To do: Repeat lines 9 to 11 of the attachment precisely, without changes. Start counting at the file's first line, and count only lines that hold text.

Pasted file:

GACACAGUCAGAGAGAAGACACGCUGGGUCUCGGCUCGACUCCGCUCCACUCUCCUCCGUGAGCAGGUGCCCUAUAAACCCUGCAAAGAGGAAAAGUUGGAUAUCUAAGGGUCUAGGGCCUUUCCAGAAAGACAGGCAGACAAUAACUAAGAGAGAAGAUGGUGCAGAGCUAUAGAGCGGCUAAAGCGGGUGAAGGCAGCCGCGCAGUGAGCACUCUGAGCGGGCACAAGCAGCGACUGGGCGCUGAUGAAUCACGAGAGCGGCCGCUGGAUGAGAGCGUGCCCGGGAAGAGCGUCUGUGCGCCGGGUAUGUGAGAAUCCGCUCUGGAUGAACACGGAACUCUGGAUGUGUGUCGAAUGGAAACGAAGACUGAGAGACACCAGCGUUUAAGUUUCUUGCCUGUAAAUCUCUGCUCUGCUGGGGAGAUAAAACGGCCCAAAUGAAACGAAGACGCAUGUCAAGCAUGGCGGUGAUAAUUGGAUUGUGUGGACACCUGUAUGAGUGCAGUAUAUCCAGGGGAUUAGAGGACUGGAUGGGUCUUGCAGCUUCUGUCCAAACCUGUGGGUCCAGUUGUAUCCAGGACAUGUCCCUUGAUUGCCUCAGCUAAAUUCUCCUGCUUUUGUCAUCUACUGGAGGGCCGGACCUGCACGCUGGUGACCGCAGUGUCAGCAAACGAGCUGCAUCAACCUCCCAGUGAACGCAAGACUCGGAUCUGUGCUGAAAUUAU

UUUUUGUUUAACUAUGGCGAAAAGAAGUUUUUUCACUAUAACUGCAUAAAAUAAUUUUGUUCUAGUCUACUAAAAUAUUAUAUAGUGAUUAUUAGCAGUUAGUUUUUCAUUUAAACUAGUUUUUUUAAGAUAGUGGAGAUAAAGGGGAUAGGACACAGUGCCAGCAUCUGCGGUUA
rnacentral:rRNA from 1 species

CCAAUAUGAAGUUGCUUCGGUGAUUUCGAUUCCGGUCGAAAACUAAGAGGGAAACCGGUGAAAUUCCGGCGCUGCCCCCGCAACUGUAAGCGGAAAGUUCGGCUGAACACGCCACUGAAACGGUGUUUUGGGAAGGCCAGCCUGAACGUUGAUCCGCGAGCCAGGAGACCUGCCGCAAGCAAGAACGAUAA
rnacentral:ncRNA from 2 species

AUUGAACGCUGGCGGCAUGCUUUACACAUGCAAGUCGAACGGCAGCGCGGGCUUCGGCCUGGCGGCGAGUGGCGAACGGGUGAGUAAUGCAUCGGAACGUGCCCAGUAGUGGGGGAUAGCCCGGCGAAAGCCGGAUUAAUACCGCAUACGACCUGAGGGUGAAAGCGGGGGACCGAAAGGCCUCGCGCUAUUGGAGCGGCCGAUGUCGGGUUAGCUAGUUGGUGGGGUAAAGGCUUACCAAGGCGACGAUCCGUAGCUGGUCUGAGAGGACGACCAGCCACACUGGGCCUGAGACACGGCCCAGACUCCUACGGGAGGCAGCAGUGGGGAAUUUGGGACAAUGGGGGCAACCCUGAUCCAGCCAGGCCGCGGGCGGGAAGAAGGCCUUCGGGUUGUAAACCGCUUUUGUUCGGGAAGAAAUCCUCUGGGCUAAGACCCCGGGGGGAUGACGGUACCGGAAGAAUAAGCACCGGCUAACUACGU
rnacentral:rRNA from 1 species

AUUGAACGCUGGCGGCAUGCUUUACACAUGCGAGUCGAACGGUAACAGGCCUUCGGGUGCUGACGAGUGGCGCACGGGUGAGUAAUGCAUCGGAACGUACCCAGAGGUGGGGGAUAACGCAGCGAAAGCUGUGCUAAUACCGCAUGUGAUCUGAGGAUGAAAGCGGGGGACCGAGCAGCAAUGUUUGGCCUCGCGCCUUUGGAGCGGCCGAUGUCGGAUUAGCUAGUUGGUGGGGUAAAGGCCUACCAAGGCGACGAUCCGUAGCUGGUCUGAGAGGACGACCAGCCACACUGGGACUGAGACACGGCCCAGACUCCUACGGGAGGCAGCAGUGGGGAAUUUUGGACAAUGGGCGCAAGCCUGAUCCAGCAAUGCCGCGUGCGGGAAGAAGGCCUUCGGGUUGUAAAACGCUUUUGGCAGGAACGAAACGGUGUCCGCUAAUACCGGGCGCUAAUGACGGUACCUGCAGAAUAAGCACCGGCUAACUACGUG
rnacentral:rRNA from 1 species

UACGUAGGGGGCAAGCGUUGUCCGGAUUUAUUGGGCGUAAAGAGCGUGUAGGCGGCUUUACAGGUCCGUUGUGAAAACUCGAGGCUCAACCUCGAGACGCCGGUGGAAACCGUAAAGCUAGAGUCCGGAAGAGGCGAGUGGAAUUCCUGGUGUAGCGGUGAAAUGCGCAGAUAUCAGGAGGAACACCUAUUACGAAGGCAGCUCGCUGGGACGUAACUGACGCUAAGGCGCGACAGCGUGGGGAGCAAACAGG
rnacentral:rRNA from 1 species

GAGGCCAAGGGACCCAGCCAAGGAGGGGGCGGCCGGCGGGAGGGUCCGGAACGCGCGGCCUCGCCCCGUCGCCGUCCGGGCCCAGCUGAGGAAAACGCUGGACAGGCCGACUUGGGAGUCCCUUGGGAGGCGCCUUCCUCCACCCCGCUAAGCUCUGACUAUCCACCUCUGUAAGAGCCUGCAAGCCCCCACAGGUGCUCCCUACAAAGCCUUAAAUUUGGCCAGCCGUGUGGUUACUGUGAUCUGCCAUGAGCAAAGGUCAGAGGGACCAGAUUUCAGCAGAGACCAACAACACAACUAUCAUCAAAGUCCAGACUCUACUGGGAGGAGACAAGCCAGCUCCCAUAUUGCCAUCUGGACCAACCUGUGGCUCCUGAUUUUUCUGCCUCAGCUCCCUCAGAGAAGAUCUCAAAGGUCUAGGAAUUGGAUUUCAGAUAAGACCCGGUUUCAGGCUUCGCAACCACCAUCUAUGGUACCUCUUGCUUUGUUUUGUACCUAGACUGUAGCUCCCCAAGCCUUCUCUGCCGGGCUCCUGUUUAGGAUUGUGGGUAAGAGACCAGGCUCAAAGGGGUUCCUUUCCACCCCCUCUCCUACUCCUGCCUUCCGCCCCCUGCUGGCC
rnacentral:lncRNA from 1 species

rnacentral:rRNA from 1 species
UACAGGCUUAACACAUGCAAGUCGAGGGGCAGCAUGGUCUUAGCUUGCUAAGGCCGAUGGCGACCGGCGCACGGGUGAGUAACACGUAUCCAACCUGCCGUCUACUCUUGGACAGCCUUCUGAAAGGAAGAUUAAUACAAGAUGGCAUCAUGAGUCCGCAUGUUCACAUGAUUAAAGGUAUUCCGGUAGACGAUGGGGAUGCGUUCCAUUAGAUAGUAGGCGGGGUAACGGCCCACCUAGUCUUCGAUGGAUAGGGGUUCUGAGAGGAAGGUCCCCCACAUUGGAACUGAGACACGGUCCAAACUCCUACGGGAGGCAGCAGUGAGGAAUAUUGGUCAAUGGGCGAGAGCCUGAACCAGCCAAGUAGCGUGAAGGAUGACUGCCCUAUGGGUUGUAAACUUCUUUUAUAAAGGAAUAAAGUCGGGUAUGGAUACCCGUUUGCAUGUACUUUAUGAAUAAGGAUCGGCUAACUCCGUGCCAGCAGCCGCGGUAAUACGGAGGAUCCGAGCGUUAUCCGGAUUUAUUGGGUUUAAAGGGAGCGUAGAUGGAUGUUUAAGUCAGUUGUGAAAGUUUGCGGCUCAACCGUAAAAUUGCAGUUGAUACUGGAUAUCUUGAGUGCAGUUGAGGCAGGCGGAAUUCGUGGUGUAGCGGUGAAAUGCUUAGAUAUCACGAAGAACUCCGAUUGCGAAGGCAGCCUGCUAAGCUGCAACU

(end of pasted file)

rnacentral:rRNA from 1 species

UACGUAGGGGGCAAGCGUUGUCCGGAUUUAUUGGGCGUAAAGAGCGUGUAGGCGGCUUUACAGGUCCGUUGUGAAAACUCGAGGCUCAACCUCGAGACGCCGGUGGAAACCGUAAAGCUAGAGUCCGGAAGAGGCGAGUGGAAUUCCUGGUGUAGCGGUGAAAUGCGCAGAUAUCAGGAGGAACACCUAUUACGAAGGCAGCUCGCUGGGACGUAACUGACGCUAAGGCGCGACAGCGUGGGGAGCAAACAGG
rnacentral:rRNA from 1 species